LawnSite Senior Member

Some really good info here from you guys. I really appreciate it.... I do have some questions still.....

Grass Mechanic: I'm new to reels....what
does backlapping involve?.....What about
Tony Clifton's comment that reels require very little maintenance?....Are reels to a certain extent self sharpening because of the way they contact the cutter bar?.....You are right
the unit I am thinkjing about is a JAC f10.....Any opinions on the machine itself?....The city golf course and park are currently maintained buy a ground driven tractor pulling gang of reel mowers so I guess from the city's perspective quality is ok w/ ground driven reels.....I'd like to get that contract...and I figure this machine would be the ticket for that (city I think may be biased towards reels because they use it themselves and after all....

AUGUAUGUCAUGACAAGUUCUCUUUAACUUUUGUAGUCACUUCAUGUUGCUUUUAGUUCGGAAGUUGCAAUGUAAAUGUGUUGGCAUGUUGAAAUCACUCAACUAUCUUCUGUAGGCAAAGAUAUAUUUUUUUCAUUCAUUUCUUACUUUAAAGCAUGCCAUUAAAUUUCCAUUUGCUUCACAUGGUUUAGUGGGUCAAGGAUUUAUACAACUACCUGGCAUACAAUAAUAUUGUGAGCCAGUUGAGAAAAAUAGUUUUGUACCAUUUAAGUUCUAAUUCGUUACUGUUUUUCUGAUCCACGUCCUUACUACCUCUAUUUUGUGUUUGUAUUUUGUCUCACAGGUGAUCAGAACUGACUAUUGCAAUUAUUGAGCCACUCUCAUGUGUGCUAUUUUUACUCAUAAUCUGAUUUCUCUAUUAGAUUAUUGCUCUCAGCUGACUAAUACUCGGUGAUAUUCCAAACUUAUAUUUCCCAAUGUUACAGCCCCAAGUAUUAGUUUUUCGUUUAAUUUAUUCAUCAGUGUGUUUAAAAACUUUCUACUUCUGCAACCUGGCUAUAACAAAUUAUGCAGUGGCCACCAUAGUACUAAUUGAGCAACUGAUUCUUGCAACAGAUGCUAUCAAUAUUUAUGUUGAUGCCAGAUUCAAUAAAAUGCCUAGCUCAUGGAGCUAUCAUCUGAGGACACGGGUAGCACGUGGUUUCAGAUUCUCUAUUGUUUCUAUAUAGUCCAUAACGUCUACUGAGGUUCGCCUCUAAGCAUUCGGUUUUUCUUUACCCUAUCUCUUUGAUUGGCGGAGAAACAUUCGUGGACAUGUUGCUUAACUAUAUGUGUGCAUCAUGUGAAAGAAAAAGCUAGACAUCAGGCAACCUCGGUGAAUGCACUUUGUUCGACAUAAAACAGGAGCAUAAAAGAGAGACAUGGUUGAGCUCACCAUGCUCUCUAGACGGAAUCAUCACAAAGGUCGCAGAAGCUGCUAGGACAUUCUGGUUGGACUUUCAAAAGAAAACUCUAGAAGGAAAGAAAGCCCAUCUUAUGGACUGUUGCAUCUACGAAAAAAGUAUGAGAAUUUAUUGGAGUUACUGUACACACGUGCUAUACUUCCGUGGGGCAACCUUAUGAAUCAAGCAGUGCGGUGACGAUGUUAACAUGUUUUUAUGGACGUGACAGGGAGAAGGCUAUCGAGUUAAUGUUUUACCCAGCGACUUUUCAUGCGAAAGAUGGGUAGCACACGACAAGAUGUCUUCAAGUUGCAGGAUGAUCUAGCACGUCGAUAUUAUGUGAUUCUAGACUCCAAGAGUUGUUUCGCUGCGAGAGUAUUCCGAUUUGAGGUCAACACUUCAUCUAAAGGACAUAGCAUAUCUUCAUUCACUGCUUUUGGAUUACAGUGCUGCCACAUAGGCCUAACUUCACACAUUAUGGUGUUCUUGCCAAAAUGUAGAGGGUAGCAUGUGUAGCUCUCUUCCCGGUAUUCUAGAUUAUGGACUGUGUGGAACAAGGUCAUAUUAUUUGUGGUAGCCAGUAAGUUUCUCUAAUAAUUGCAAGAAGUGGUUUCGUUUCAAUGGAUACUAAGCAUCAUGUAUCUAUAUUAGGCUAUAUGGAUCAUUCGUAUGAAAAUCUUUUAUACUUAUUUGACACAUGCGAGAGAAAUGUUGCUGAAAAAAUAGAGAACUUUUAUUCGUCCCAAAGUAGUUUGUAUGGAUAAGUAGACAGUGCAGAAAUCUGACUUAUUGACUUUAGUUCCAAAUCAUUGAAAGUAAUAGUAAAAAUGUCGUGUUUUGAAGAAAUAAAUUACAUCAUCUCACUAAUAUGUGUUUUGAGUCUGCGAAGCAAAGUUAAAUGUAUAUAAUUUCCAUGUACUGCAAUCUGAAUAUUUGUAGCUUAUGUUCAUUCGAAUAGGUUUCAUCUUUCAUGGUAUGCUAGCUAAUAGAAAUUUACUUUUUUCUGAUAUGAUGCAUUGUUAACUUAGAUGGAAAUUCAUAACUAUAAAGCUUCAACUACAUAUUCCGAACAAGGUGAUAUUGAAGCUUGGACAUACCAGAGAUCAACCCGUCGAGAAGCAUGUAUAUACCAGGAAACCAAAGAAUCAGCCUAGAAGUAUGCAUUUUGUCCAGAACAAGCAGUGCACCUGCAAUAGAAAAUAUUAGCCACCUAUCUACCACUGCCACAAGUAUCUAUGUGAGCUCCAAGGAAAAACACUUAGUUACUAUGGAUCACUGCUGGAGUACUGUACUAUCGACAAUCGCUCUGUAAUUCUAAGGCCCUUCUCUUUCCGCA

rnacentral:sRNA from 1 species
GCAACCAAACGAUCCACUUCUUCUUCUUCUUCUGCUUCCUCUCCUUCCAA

all golf courses use reels...I think that would give me the edge over other contractors who bid and are planning to use rotaries.....I hope the powers that be would see it as a plus I'm using "the good stuff" and I'm hoping to sell it so that I may even be allowed a premium for using it (city contracts generally go to the low bidder).
I'm going to look at the mower tomorrrow sometime....Anything in particular I should pay attention to (hopefully you'll see and answer this before I look ... Thanks again.)

SWD : I'd transport the unit on a 21'
Tilt top trailer rated at 14K....It's not a deckover unit so I may have to bulid
something on the deck to allow the fold up wings to clear the wheelwells....I'll use a 1 ton Dodge dually to pull the combo. I agree w/ you concerning the rotaries....